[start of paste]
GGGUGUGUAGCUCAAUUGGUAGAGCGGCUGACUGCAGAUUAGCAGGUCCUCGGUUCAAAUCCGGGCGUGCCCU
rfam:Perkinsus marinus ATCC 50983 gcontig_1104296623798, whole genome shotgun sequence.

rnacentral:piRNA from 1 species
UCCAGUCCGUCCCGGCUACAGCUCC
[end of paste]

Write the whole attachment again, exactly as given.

GGGUGUGUAGCUCAAUUGGUAGAGCGGCUGACUGCAGAUUAGCAGGUCCUCGGUUCAAAUCCGGGCGUGCCCU
rfam:Perkinsus marinus ATCC 50983 gcontig_1104296623798, whole genome shotgun sequence.

rnacentral:piRNA from 1 species
UCCAGUCCGUCCCGGCUACAGCUCC